By Walt Mills
In two recent publications, teams of researchers led by Penn State provide new understanding of why synthetic two-dimensional materials often perform orders of magnitude worse than predicted, and how to improve their performance in future electronics, photonics, and memory storage applications.
Two-dimensional materials are thin films only an atom or two thick. Researchers make 2D materials by the exfoliation method, which means peeling a slice of material off a larger bulk material, or by condensing a gas precursor onto a substrate. The former method provides a higher quality material, but is not useful for making devices. The second method is well established in industrial applications, but yields low performance 2D films.
In a paper published online in Scientific Reports, a Nature Group publication, researchers for the first time demonstrated why the quality of 2D materials grown by the chemical vapor deposition method have poor performance compared to their theoretical predictions.
“We grew molybdenum disulfide, a very promising 2D material, on a sapphire substrate,” said lead author Kehao Zhang, a Ph.D. candidate in the group of Joshua Robinson, associate professor of materials science and engineering, Penn State. “Sapphire itself is aluminum oxide. When the aluminum is the top layer of the substrate, it likes to give up its electrons to the film. This heavy negative doping (electrons have negative charge) limits both the intensity and carrier lifetime for photoluminescence, two important properties for all optoelectronic applications, such as photovoltaics and photosensors.”
Once they determined that the aluminum was giving up electrons to the film, they used a sapphire substrate that was cut in such a way as to expose the oxygen rather than the aluminum on the surface. This enhanced the photoluminescence intensity and the carrier lifetime by 100 times.
In a related paper, published online this week in Advanced Functional Materials, a second team of researchers led by the same Penn State group used doping engineering that substitutes foreign atoms into the crystal lattice of the film in order to change or improve the properties of the material.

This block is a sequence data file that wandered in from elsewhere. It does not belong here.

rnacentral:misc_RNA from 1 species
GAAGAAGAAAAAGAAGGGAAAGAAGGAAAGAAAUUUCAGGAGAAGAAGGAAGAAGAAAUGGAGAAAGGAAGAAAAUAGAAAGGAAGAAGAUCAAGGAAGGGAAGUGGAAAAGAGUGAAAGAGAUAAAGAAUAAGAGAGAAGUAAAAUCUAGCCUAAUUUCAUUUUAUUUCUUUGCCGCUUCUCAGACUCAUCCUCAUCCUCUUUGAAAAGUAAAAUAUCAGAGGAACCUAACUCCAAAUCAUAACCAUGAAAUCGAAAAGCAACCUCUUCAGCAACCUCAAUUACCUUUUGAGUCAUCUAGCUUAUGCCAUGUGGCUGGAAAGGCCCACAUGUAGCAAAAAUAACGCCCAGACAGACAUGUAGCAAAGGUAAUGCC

“People have tried substitution doping before, but because the interaction of the sapphire substrate screened the effects of the doping, they couldn’t deconvolute the impact of the doping,” said Zhang, who was also the lead author on the second paper.
Using the oxygen-terminated substrate surface from the first paper, the team removed the screening effect from the substrate and doped the molybedenum disulfide 2D film with rhenium atoms.
“We deconvoluted the rhenium doping effects on the material,” said Zhang. “With this substrate we can go as high as 1 atomic percent, the highest doping concentration ever reported. An unexpected benefit is that doping the rhenium into the lattice passivates 25 percent of the sulfur vacancies, and sulfur vacancies are a long-standing problem with 2D materials.”
The doping solves two problems: It makes the material more conductive for applications like transistors and sensors, and at the same time improves the quality of the materials by passivating the defects called sulfur vacancies. The team predicts that higher rhenium doping could completely eliminate the effects of sulfur vacancies.
“The goal of my entire work is to push this material to technologically relevant levels, which means making it industrially applicable,” Zhang said.
Contributors to the Scientific Reports paper, “Deconvoluting the Photonic and Electronic Response of 2D Materials: The Case of MoS2,” are Zhang, Brian Bersch, Ganesh Bhimanapati, Baoming Wang, Ke Wang, Michael Labella, Teague Williams, Amanul Haque and Joshua Robinson, all of Penn State; Nicholas Borys, Edward Barnard and P. James Schuck, The Molecular Foundry, Lawrence Berkeley National Laboratory; and Ke Xu and Susan Fullerton-Shirey, University of Pittsburgh.
Contributors to the Advanced Functional Materials paper, “Tuning the Electronic and Photonic Properties of Monolayer MoS2 via In Situ Resubstitutional Doping,” are K. Zhang, B. Bersch, Natalie Briggs, Shruti Subamania and J.A. Robinson, Penn State; Rafik Addou, Christopher Cormier, Chenxi Zhang, Kyeongjae Cho and Robert Wallace, University of Texas at Dallas; Jaydeep Joshi and Patrick Vora, George Mason University; and K. Xu, Ke Wang and S. Fullerton-Shirey, University of Pittsburgh.
Joshua Robinson is Associate Director, Center for 2-Dimensional and Layered Materials (2DLM) and Co-Director, NSF-I/UCRC Center for Atomically Thin Multifunctional Coatings (ATOMIC), both at Penn State.
Portions of this work were supported by the National Science Foundation, The Semiconductor Research Corporation, DARPA, the U.S. Department of Energy, the Nanoelectronics Research Initiative and NIST.
Contact Prof. Robinson at JAR403@psu.edu.